A new European space mission will listen for the “sound” made by gravity disturbing the fabric of space-time.
Scientists hope to detect the first direct evidence of gravitational waves created by extremely violent cosmic events such as colliding black holes.
Gravitational waves, which were predicted by Albert Einstein, are theorised ripples in space-time which can be compared with sound waves.
Listening to them might make it possible to hark back to the Big Bang itself, the moment when the universe exploded out of nothing around 14 billion years ago.
The eLISA (Laser Interferometary Space Antenna) space observatory is due to be launched by the European Space Agency in 2034.
Mission scientist professor Tim Sumner, from Imperial College London, said: “This mission will enable us to study the universe in a completely new way - we’ll be ’listening’ to it as well as looking at it.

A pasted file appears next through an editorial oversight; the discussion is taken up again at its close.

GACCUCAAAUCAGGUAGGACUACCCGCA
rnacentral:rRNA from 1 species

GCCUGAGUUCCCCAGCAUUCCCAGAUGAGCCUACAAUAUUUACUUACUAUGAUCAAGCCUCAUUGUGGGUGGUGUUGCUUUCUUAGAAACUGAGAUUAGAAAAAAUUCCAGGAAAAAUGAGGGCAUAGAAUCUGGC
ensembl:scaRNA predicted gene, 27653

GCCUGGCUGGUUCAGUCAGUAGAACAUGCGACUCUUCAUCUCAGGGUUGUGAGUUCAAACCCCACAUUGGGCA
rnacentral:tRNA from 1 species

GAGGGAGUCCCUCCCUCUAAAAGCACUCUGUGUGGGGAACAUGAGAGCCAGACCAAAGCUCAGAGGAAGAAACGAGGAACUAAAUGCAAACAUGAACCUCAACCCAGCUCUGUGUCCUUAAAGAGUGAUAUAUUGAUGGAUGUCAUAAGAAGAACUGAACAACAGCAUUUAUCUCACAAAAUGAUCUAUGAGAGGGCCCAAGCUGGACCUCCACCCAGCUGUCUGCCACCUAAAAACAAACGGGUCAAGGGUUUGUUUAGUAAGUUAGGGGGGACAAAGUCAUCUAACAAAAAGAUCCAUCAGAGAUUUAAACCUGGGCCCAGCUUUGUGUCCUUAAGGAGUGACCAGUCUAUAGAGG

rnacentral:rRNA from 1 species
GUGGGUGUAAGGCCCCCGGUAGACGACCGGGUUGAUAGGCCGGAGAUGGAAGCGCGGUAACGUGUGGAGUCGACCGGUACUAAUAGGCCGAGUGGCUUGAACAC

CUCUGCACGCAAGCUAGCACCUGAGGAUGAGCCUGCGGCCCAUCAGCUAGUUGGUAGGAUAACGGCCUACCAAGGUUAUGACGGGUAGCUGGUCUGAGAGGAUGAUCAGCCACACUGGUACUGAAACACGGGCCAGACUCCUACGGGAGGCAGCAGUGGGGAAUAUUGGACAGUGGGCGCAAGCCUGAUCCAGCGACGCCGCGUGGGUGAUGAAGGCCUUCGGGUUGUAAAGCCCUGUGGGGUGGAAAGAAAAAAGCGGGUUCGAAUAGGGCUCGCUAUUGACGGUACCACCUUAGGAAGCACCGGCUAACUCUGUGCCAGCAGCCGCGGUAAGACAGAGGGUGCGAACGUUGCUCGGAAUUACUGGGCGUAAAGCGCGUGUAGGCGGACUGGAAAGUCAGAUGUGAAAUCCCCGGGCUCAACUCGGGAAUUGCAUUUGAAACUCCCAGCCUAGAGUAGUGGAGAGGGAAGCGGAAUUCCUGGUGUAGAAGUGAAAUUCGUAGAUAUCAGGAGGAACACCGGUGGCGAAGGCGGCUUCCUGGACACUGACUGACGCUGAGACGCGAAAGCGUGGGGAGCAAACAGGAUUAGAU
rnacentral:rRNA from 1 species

“Over the centuries astronomy has grown to cover more and more of the electromagnetic spectrum, seeing more colours if you like, whether visible light, infrared, X-rays or submillimetre. With gravitational waves, we’ll have a totally different way of collecting information. It’s as though we’ve been watching a television with the sound off, and now we’re going to be able to turn the sound up and have a much clearer sense of what’s happening.
“The possibilities are mind-blowing. We’ll be able to get to grips with black holes; see how gravity works more precisely than ever before; and potentially even see what happened in the seconds after the Big Bang.”
Colleague Dr Harry Ward, who heads an eLISA team from the University of Glasgow, said: “This is a once in a lifetime opportunity to be at the heart of a mission that will yield completely new insights into the nature and origin of our universe.”